If this is the case, let's see what we might be able to learn from this inapplicable law. I would like to take a careful look at Rabbi Yehuda's "same voice, same look, same height" rule. Obviously, no two parents look and sound exactly alike. In order for parents to be able to accuse their son in court, and for us to consider him guilty, his parents must be, in effect, the same person, and speak with one voice. The implication is that the fact that we all have two parents, who are two different people, of two different genders, and who have, throughout all our lives, spoken to us in two different voices, mitigates our responsibility for our failures, and makes it impossible for our parents, and for society, to hold us up to the standards of perfection expressed in this case. If the Torah feels we can kill the rebellious son because we know already how he will turn out as an adult, our more complex, two parent make-up seems to make it impossible to predict accurately whom we will ultimately grow up to be. We are all in conflict. Every one of us is the product of two different sets of genes, two different world views, two different approaches to the world. This is one of the sources of our difficulties in life. The lack of clarity about who we are is built in - we are hard-wired to contain within us two different people. The Rabbis knows this, and therefore do not hold us to the ridiculously high standard to which the wayward and rebellious son is held. Only that impossible creature, the child of two people who are exactly the same, could be expected to behave completely in accordance with his parents', and his society's, values and expectations, and should be punished so severely if he fails to do so. A real human being, with two different parents, is not held to such an impossibly high standard.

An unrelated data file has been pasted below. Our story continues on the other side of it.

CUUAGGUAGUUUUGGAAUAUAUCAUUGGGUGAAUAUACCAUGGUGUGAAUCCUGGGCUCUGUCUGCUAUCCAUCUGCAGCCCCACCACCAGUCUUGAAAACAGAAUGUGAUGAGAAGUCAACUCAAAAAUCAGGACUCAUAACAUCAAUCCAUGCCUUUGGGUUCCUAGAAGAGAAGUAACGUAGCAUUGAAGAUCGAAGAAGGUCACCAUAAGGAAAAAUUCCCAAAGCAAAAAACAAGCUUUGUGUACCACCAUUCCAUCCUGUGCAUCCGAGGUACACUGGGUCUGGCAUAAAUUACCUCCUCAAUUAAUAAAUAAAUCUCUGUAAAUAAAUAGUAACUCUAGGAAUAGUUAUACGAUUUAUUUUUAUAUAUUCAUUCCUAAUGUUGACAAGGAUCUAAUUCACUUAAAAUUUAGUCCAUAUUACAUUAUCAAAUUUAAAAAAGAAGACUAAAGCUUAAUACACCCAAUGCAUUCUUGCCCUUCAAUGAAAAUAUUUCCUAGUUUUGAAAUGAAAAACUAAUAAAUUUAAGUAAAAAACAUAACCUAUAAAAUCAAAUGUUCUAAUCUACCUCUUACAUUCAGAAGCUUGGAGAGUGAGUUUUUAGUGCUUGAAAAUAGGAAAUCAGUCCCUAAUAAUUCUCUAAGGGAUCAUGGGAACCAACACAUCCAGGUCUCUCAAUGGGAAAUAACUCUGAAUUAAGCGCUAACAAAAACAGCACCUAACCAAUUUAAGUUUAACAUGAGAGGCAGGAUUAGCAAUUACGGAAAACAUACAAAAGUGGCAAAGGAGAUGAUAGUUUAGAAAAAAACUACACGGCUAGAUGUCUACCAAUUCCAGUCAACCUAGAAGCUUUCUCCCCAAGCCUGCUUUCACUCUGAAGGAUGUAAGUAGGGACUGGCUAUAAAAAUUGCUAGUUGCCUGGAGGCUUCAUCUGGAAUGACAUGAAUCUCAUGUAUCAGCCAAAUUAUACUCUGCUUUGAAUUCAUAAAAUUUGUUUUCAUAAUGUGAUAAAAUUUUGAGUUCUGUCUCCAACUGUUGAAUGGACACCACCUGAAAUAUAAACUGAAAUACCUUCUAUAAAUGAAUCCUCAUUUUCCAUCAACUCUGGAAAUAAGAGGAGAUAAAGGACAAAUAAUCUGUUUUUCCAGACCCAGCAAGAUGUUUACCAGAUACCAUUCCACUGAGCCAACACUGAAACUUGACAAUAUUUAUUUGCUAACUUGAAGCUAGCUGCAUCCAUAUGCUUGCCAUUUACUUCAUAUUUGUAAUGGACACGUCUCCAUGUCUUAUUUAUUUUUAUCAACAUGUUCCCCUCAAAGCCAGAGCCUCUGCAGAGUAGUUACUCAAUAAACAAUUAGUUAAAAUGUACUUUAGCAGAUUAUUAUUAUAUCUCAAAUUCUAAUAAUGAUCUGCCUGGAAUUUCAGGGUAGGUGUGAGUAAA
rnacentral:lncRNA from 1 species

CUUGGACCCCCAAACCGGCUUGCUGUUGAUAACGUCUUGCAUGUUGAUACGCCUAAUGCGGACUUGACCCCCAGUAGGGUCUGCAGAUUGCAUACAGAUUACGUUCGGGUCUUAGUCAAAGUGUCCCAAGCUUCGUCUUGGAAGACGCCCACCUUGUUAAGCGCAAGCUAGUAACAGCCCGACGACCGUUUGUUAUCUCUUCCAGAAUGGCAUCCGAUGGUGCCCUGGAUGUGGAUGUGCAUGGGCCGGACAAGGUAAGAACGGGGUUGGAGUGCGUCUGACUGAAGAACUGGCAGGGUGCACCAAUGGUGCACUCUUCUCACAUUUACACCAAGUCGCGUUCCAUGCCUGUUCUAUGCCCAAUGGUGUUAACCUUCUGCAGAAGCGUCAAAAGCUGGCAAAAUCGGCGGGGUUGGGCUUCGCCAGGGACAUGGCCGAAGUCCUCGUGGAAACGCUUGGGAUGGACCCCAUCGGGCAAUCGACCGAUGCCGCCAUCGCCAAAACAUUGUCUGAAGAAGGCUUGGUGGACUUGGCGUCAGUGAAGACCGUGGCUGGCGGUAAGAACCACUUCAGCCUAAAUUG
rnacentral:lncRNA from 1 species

This approach can help us understand ourselves, our parents, and our children. All of us grow up in a reality that is complex, that is intrinsically not monolithic. We are made up of, and are raised by, two different people. The values of one may be in conflict with those of the other; we experience that conflict within ourselves. The dreams of one may be the nightmares of the other; we feel that conflict within ourselves. The voice of one is competing with the voice of the other; we hear both those voices (and others!) within ourselves. Were we all able to approach some sort of harmony, if not unison, more could be expected of us. The Rabbis realized that that expectation is theoretical only - such unison never was and never will be. The lesson contained in the law of ben sorer u'moreh tells us, however, that, as parents and as children, we are meant to strive for it, and the perfection and moral clarity it will bring, while realizing that we will never reach it. As long as we, as parents, know that our children are not the products of some perfectly and precisely matched union, but, rather, that they see and hear and experience a complicated mix of messages, we will not make the deadly demand of perfection from them. Actually, I think we are also meant to breathe a sigh of relief that such perfection has never been and will never be reached - the demands it makes on us seem unbearable.
Rabbi Shimon Felix